16 May 2017
Artificial intelligence and supercomputers provide the power. What happens next?
ROTTERDAM, THE NETHERLANDS, May 12, 2017 — 100 billion neurons. 100,000 billion connections. A billion billion operations per second. The numbers are incomprehensible. This is your brain. And soon, computers will be able to mimic its operations on the most fundamental levels.
What happens then? Will these new brains understand themselves as we do? Will they feel? What aspects of human thought will remain the province of humans alone? How will we revise our ideas of humanity?
These are questions the documentary “Almost a Brain” will explore through archival research and original interviews with neurologists, computer scientists, and leaders in philosophy. The project is led by Tom Geller, a technology journalist who has produced videos and articles on related topics for The Association for Computing Machinery (ACM), Nature.com, and others.
“Computer models of the human brain are already sophisticated enough to help figure out and treat disorders such as epilepsy,” Geller said. “Now, projects like the Human Brain Project in Europe and the BRAIN Initiative in the United States are filling in the gaps. I believe it’s only a matter of time before something resembling ‘thought’ emerges from such models, whether unexpectedly or through concerted efforts. How it differs from that of biological humans, and how we react to it, will fundamentally change how we see ourselves.”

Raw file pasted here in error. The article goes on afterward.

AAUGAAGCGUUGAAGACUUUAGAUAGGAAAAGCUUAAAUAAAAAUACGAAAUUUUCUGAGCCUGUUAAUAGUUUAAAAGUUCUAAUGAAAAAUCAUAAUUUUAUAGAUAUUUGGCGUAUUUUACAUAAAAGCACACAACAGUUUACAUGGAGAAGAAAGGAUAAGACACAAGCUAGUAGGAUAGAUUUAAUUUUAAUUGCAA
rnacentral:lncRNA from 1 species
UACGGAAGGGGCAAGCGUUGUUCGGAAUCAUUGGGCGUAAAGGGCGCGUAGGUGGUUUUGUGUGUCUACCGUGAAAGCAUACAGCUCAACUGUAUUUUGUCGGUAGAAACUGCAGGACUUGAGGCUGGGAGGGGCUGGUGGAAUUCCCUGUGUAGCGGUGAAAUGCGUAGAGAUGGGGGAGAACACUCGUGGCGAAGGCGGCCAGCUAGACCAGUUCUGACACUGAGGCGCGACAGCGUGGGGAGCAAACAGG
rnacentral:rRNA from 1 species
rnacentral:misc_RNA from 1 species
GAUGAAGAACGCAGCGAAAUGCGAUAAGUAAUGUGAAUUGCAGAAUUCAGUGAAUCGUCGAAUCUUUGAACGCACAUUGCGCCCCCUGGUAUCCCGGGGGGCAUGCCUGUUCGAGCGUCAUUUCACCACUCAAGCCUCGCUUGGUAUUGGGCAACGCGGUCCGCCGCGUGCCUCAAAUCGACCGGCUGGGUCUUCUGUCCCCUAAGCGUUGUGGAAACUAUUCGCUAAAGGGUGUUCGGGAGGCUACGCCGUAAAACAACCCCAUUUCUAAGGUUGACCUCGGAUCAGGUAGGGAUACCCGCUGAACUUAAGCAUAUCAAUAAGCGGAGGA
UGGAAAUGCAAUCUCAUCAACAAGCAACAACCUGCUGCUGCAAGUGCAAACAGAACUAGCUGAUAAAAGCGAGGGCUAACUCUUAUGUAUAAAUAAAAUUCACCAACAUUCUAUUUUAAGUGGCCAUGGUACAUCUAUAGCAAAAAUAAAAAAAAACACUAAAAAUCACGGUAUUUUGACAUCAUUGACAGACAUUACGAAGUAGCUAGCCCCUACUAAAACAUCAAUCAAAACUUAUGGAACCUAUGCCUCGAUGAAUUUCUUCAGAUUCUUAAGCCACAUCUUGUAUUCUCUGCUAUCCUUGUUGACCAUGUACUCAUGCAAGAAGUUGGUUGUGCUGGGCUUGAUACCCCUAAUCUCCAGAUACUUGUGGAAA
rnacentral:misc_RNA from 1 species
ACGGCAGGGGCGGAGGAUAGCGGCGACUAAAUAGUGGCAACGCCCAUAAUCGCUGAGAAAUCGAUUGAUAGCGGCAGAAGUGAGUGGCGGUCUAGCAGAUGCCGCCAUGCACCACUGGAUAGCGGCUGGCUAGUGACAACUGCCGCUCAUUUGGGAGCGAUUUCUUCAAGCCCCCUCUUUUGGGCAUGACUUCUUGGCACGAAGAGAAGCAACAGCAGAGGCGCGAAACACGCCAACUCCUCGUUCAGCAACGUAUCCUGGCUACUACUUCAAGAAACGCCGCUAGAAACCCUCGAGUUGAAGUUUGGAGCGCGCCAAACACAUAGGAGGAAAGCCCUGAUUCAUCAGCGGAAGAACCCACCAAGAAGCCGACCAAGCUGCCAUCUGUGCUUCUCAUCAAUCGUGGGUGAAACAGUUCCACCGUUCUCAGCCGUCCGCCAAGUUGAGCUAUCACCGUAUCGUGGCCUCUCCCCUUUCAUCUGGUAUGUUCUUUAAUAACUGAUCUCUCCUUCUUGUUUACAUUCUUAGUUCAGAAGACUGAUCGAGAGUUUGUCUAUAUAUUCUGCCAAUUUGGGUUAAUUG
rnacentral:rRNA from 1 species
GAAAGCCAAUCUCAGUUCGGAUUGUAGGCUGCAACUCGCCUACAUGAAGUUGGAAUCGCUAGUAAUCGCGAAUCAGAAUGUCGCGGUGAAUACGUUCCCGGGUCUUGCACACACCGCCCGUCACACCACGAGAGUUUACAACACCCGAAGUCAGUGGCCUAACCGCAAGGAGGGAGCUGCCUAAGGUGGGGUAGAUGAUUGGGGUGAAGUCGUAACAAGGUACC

With bases in The Netherlands (Rotterdam) and the U.S. (Oberlin, Ohio), Tom Geller Productions has secured interview commitments with experts including AI pioneer Eric Horvitz, Microsoft Technical Fellow and Director of Microsoft Research Labs; and Professor Jack Dongarra, who tracks the world’s fastest computers through the semi-annual TOP500 reports.
To participate or learn more, visit almostabrain.com.
Originally published at https://www.linkedin.com/pulse/documentary-almost-brain-explore-how-computers-nearing-tom-gellerArtificial intelligence, Sociology, Supercomputing